Of course, there are white beets, beets that ooze sugar water instead of blood, but it is the red beet with which we are concerned; the variety that blushes and swells like a hemorrhoid, a hemorrhoid for which there is no cure. (Actually, there is one remedy: commission a potter to make you a ceramic asshole--and when you aren’t sitting on it, you can use it as a bowl for borscht.)

An old Ukrainian proverb warns, “A tale that begins with a beet will end with the devil.”

That is a risk we have to take.




So now when I get home, I think “I’m beet” and just laugh a little on the inside and know that it’s all about seeking out and finding inspiration, whether it is creative inspiration or just inspiration to keep on keepin on.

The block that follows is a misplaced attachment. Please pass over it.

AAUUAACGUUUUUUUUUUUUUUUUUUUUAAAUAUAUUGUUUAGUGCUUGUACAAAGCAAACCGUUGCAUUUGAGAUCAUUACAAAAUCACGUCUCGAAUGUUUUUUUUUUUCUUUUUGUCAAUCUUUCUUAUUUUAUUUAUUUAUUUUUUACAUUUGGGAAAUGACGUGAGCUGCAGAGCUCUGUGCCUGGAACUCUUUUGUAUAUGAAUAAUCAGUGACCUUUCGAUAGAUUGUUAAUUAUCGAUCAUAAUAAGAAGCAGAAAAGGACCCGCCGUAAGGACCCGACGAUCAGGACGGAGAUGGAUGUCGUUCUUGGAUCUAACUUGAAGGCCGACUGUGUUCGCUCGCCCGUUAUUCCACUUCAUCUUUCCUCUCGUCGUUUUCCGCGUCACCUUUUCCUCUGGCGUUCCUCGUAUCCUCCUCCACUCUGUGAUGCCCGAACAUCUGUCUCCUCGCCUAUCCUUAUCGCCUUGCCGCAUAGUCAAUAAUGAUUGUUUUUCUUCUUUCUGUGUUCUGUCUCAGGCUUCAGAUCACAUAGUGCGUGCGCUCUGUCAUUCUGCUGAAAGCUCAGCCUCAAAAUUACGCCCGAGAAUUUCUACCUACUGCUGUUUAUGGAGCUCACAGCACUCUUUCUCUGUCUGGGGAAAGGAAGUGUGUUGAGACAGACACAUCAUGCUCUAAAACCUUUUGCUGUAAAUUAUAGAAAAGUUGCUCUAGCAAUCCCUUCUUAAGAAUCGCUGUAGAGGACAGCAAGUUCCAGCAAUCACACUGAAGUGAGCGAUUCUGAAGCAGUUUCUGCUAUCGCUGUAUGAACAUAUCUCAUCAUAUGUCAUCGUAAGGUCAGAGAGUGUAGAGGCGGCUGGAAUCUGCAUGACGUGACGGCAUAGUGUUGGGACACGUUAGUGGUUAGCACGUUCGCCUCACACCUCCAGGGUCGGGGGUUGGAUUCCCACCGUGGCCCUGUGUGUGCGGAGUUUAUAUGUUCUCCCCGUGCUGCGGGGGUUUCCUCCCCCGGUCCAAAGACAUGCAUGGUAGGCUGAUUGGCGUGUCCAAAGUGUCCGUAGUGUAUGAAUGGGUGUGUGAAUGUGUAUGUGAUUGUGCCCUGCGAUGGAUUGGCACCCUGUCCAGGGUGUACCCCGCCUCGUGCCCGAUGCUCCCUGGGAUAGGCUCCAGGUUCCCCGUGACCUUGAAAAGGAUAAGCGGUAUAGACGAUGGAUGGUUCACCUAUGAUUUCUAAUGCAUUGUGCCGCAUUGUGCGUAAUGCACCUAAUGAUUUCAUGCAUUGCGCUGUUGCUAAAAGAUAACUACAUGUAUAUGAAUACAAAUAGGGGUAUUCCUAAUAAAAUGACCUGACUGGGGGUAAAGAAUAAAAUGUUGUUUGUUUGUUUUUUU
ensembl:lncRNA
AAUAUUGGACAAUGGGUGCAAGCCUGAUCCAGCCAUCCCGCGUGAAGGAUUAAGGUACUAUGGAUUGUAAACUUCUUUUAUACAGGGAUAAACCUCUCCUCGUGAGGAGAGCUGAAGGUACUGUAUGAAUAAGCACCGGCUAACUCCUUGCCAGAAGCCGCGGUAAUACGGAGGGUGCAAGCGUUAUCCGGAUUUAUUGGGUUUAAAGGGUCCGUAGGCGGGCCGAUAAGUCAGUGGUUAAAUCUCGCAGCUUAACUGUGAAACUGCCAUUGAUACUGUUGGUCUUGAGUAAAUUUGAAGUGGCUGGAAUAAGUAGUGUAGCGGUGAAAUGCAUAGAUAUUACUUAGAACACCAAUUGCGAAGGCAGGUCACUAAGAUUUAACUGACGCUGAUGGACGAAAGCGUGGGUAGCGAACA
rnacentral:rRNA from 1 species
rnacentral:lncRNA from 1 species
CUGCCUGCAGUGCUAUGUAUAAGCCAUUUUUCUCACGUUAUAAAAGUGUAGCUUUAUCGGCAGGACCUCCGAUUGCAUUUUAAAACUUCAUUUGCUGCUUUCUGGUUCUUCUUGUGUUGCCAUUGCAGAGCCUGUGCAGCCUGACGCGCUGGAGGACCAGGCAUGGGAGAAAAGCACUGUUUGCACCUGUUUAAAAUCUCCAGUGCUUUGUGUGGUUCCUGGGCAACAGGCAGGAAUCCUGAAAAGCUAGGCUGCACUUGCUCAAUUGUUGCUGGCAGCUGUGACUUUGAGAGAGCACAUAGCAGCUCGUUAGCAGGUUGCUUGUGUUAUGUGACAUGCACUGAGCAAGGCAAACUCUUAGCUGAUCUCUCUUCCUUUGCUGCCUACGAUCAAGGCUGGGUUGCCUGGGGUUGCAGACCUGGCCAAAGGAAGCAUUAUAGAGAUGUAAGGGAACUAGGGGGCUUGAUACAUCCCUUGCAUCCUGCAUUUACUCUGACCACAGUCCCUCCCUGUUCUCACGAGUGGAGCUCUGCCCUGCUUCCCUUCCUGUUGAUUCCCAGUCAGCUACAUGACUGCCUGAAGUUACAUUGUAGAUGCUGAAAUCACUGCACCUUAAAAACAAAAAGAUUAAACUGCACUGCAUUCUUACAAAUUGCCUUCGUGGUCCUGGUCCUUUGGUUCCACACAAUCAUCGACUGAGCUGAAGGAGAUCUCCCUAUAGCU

What inspires you?

Tuesday, February 03, 2009

Oregon Sunset



All I can say is "Wow!"


Check out more pictures of the Oregon Sunset at Cannon Beach on Flickr in the Cannon Beach, OR set. There are several more that are just as spectacular. It was a glorious evening for photos.

We will be uploading TONS of photos to JaSar Creative on Flickr in the next few days, so take a look. We thought you might be interested in peaking into our world through our eyes.